If I had to ask one question of a movie in order to distinguish a good one from a bad one, or at least a less- than-good one, it would be this: Does it start from the specific in order to get to the general, or does it start with the general and pick up the specifics as necessary? Or, to put it another way, do the characters make upon us an impression of being real outside the movie’s context? Does the plot present them with adventures that appear to have happened to them in the way that things happen to us in real life, or do those adventures look as if they have been created only so as to elicit a pre-ordained response? Do the authors give us the impression of having invented both characters and plot before they knew what general principle they were to illustrate, or is there some kind of thesis that the characters were designed just so as to illustrate?
Although there is a lot to like about Monsoon Wedding, written by Sabrina Dhawan and directed by Mira Nair, its answers to those questions would be all the wrong ones. Only the patriarch of the Verma family of New Delhi, played by Naseeruddin Shah, the arranged marriage of whose daughter, Aditi (Vasundhara Das) to a well-to-do émigré from Houston (Parvin Dabas) provides the “Wedding” of the title, seemed to me entirely convincing as a real person, one who was unconscious of the job of work he had in hand on behalf of the authors. And, good as he was, particularly in representing the quiet desperation with which his character tries to keep the family together and keep the money coming in to pay for its increasingly expensive tastes, he alone was not enough to infuse the necessary dollop of real life into a movie meant to be a sort of Indian version of an Altmanian spectacular, self-consciously full of “life.”
The latter kind of life is of the sort to which the verbal adjective “affirming” is often appended, and the movie is accordingly full of comedy and tragedy, joy and heartbreak, good and bad, with an upbeat ending designed to make us feel good — not only about the fictional characters whom we have naturally learned to like but also about ourselves. There now, that’s the worst thing I’m going to say about Monsoon Wedding: that it is a feel-good picture that takes a wry and humorous look at family and sexual relationships in the emerging middle classes of one of the most dynamic and promising of the world’s developing countries. From any other critic that would count as a blurb worthy of being slapped up on the poster, but I am perverse enough to resent being told to feel good about myself.
It is of course interesting from a sociological point of view to have Ms. Nair’s opinion that Western sexual customs are in the process of overpowering the traditional constraints of a society like India’s, and that with them are going such “patriarchal” family arrangements as have hitherto managed to survive there. It is also very much to the film’s credit, I think, that it so far refrains from taking a stridently polemical line about those arrangements, apart from one instance which I shall mention presently, that it can find something good to be said even about arranged marriages. Its immense sympathy to the principal patriarch, Papa Verma, is as I say almost enough by itself to make the movie worth seeing. But in the end one cannot — I could not — forget the sociological point for the sake of those who are meant to embody it.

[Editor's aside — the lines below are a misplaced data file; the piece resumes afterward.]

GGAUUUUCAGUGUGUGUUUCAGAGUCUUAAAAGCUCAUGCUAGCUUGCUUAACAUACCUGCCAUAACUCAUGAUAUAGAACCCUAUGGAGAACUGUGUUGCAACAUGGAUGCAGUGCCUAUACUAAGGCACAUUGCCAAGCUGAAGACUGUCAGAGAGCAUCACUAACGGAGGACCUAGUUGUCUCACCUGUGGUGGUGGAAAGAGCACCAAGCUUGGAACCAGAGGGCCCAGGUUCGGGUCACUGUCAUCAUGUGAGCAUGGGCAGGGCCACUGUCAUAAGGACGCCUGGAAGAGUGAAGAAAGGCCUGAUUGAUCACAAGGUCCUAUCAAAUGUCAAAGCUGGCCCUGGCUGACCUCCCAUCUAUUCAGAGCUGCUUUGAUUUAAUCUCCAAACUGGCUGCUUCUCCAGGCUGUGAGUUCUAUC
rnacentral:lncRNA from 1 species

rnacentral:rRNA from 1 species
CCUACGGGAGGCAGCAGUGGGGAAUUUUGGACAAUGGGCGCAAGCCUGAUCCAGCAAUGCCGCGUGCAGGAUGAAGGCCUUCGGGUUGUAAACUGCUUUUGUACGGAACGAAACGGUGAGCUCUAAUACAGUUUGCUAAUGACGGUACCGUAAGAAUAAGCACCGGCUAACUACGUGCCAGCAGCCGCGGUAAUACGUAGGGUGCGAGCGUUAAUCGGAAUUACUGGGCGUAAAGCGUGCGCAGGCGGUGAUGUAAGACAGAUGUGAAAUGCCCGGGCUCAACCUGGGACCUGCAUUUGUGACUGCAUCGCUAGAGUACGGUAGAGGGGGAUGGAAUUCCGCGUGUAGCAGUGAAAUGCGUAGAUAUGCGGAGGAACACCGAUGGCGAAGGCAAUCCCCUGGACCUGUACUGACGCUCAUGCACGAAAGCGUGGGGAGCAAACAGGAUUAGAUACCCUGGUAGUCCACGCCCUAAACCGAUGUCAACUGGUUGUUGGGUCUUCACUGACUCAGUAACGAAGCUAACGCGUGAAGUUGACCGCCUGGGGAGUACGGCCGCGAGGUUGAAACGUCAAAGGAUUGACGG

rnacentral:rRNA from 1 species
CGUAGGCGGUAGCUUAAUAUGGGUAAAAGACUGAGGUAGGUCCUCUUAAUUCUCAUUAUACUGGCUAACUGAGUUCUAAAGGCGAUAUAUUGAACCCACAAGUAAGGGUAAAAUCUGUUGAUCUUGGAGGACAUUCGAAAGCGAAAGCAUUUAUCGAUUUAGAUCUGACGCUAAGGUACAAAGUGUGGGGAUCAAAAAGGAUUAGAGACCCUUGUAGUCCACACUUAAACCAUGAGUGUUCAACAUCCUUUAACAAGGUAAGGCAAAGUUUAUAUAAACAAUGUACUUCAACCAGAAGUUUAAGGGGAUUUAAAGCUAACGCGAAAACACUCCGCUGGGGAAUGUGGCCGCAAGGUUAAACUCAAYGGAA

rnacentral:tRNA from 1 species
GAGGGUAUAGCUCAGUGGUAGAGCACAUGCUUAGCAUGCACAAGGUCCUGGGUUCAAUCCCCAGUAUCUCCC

The exception to the wry and humorous and forbearing portrait of a patriarchy in decline comes with the introduction of the motif of child-abuse. Now I look upon child-abuse in the movies the way I look upon the Kennedy assassination or the Holocaust in the movies. All three bring with them their own pre-programmed emotional responses which can only wreak havoc in the midst of the delicately-nurtured emotions native to the particular film into which they have been imported. Everything that the particular characters and their particular situation can build up in the way of a particular response is tainted by this moral enormity, which we know can only be present in order to bully us into thinking and feeling along certain lines. It is the feminist H-bomb, and where it is deployed nothing else can live.
The more’s the pity, as there were several promising shoots scorched to the earth by the fireball. I particularly liked the nagging of the mother (Sharda Desohras) of the “event planner,” who calls himself P.K. Dubey (Vijay Raaz) and who has arranged the elaborate and traditional wedding for the Vermas while carrying on his own flirtation with their charming maid-of-all-work, Alice (Tilotama Shome). P.K. is a successful and enterprising sort from the lower castes who has obviously done well out of the growth economy of new India, but his mother is unimpressed by his upward mobility. All she cares about is that he should finally get around to arranging his own wedding so as to present her with grandchildren. “Your father’s name will sink without trace,” she whines to him. But of course his father’s name has already been changed from something traditional and unpronounceable to the Anglicized and fashionable.This kind of subtlety is too rare in the movie, but it shows what it might have been if its makers had cared more about their characters than about what they had to say about them.